"There's virtually no turbulence in the ports any more. Particularly between 200 and 400 [thou lift] there was a fair bit of turbulence in the standard heads on both the intakes and the exhausts. Laying back the short side radius on the exhaust has pretty well eliminated all the turbulence in that port as well. Not only did the ports flow better but getting rid of the turbulence more than likely picked up the flow on its own."

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"I've also put a 30-degree back cut on both valves. Also, having that 7mm stem would also pick up the flow - although only marginally."

Conclusion

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The gains on the AU head were very good - not only were peak valve lift improvements made but the benefits were seen right through the valve lift range. In addition, the modified AU head flow figures easily overtook those available from the EB head (and while we haven't covered it here, extensive experimentation was made on the EB head to discover its potential) while still keeping port sizes small enough to encourage high cylinder-filling velocities. The modified head also had an exhaust flow 76 per cent of the intake, an improvement on the 73 per cent achieved with the stock head.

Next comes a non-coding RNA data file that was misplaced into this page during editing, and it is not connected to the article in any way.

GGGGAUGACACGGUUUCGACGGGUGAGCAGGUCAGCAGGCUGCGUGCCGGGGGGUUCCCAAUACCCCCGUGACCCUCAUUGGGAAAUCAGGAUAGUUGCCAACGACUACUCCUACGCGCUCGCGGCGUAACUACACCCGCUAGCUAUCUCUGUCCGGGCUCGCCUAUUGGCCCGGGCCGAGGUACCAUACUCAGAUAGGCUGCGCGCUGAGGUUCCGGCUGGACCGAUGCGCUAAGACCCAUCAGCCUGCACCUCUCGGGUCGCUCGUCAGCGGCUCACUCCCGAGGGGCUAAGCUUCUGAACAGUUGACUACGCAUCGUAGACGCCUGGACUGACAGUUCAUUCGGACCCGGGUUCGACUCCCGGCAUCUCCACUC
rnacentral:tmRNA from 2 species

Of course, the "potential power" change from 302hp to 362hp is simply an estimate based on steady-state intake flow figures, but it's also a method that has proved accurate on many engines, assuming that the rest of the engine (eg cam, compression, intake manifold, engine management) is optimal.

None of this would cut much ice if the porting cost was extreme, but Gilbert's charge only around AUD$350 for the sort of port job covered here. The 'before' and 'after' flowbench testing is another $80, and obviously stripping and reassembling the head is additional again. However, if the head is going to come off the engine and be reconditioned, then in this case having a port job done makes a lot of sense.

Hmm, maybe a re-think on the benefits of porting modern engines is necessary?

Contact:

Gilbert's Cylinder Head Service
+61 7 5532 2249
0413 157 983